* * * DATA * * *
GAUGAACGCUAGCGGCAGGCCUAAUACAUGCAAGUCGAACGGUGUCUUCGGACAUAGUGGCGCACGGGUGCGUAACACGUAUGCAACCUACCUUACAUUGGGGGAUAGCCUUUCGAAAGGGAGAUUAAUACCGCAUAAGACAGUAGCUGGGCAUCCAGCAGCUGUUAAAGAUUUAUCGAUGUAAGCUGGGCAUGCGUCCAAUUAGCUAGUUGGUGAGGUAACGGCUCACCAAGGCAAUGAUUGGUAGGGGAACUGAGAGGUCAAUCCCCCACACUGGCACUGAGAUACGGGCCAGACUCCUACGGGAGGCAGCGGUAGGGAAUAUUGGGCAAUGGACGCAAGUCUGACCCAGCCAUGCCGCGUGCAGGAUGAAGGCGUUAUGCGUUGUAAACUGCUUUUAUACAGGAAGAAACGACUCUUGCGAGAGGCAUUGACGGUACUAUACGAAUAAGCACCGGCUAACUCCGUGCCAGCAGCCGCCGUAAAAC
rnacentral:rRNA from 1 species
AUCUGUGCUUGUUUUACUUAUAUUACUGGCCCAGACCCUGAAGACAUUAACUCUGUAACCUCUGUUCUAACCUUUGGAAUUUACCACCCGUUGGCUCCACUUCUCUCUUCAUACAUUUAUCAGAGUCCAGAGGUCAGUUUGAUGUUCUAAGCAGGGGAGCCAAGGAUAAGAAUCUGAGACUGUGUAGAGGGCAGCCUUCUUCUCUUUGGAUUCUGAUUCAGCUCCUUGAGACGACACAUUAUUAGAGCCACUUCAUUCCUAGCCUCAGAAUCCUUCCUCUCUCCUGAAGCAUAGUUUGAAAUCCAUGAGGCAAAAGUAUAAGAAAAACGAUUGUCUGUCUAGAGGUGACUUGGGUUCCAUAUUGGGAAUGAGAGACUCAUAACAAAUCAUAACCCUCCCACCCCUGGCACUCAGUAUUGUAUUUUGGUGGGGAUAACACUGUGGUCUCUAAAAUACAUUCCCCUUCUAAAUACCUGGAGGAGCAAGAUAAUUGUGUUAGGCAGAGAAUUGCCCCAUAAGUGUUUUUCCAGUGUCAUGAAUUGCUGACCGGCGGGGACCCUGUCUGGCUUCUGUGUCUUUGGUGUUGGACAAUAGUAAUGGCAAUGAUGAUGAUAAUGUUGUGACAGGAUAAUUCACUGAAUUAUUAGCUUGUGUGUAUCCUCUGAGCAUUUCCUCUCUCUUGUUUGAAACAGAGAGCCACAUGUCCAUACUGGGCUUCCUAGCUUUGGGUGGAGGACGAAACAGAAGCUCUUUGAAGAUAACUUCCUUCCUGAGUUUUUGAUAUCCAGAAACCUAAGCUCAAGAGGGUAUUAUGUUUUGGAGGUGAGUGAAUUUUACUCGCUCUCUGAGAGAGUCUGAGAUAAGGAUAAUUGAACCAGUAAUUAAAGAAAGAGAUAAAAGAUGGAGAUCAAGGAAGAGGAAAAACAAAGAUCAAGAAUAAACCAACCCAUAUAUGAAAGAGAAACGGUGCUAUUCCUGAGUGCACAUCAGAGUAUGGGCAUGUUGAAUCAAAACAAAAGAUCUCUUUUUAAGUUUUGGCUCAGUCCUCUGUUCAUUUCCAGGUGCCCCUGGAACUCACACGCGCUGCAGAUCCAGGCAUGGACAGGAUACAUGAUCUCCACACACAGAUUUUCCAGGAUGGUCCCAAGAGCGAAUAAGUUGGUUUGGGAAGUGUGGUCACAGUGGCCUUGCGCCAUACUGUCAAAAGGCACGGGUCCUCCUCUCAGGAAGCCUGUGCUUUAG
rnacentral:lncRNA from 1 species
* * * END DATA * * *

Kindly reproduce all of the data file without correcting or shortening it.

GAUGAACGCUAGCGGCAGGCCUAAUACAUGCAAGUCGAACGGUGUCUUCGGACAUAGUGGCGCACGGGUGCGUAACACGUAUGCAACCUACCUUACAUUGGGGGAUAGCCUUUCGAAAGGGAGAUUAAUACCGCAUAAGACAGUAGCUGGGCAUCCAGCAGCUGUUAAAGAUUUAUCGAUGUAAGCUGGGCAUGCGUCCAAUUAGCUAGUUGGUGAGGUAACGGCUCACCAAGGCAAUGAUUGGUAGGGGAACUGAGAGGUCAAUCCCCCACACUGGCACUGAGAUACGGGCCAGACUCCUACGGGAGGCAGCGGUAGGGAAUAUUGGGCAAUGGACGCAAGUCUGACCCAGCCAUGCCGCGUGCAGGAUGAAGGCGUUAUGCGUUGUAAACUGCUUUUAUACAGGAAGAAACGACUCUUGCGAGAGGCAUUGACGGUACUAUACGAAUAAGCACCGGCUAACUCCGUGCCAGCAGCCGCCGUAAAAC
rnacentral:rRNA from 1 species
AUCUGUGCUUGUUUUACUUAUAUUACUGGCCCAGACCCUGAAGACAUUAACUCUGUAACCUCUGUUCUAACCUUUGGAAUUUACCACCCGUUGGCUCCACUUCUCUCUUCAUACAUUUAUCAGAGUCCAGAGGUCAGUUUGAUGUUCUAAGCAGGGGAGCCAAGGAUAAGAAUCUGAGACUGUGUAGAGGGCAGCCUUCUUCUCUUUGGAUUCUGAUUCAGCUCCUUGAGACGACACAUUAUUAGAGCCACUUCAUUCCUAGCCUCAGAAUCCUUCCUCUCUCCUGAAGCAUAGUUUGAAAUCCAUGAGGCAAAAGUAUAAGAAAAACGAUUGUCUGUCUAGAGGUGACUUGGGUUCCAUAUUGGGAAUGAGAGACUCAUAACAAAUCAUAACCCUCCCACCCCUGGCACUCAGUAUUGUAUUUUGGUGGGGAUAACACUGUGGUCUCUAAAAUACAUUCCCCUUCUAAAUACCUGGAGGAGCAAGAUAAUUGUGUUAGGCAGAGAAUUGCCCCAUAAGUGUUUUUCCAGUGUCAUGAAUUGCUGACCGGCGGGGACCCUGUCUGGCUUCUGUGUCUUUGGUGUUGGACAAUAGUAAUGGCAAUGAUGAUGAUAAUGUUGUGACAGGAUAAUUCACUGAAUUAUUAGCUUGUGUGUAUCCUCUGAGCAUUUCCUCUCUCUUGUUUGAAACAGAGAGCCACAUGUCCAUACUGGGCUUCCUAGCUUUGGGUGGAGGACGAAACAGAAGCUCUUUGAAGAUAACUUCCUUCCUGAGUUUUUGAUAUCCAGAAACCUAAGCUCAAGAGGGUAUUAUGUUUUGGAGGUGAGUGAAUUUUACUCGCUCUCUGAGAGAGUCUGAGAUAAGGAUAAUUGAACCAGUAAUUAAAGAAAGAGAUAAAAGAUGGAGAUCAAGGAAGAGGAAAAACAAAGAUCAAGAAUAAACCAACCCAUAUAUGAAAGAGAAACGGUGCUAUUCCUGAGUGCACAUCAGAGUAUGGGCAUGUUGAAUCAAAACAAAAGAUCUCUUUUUAAGUUUUGGCUCAGUCCUCUGUUCAUUUCCAGGUGCCCCUGGAACUCACACGCGCUGCAGAUCCAGGCAUGGACAGGAUACAUGAUCUCCACACACAGAUUUUCCAGGAUGGUCCCAAGAGCGAAUAAGUUGGUUUGGGAAGUGUGGUCACAGUGGCCUUGCGCCAUACUGUCAAAAGGCACGGGUCCUCCUCUCAGGAAGCCUGUGCUUUAG
rnacentral:lncRNA from 1 species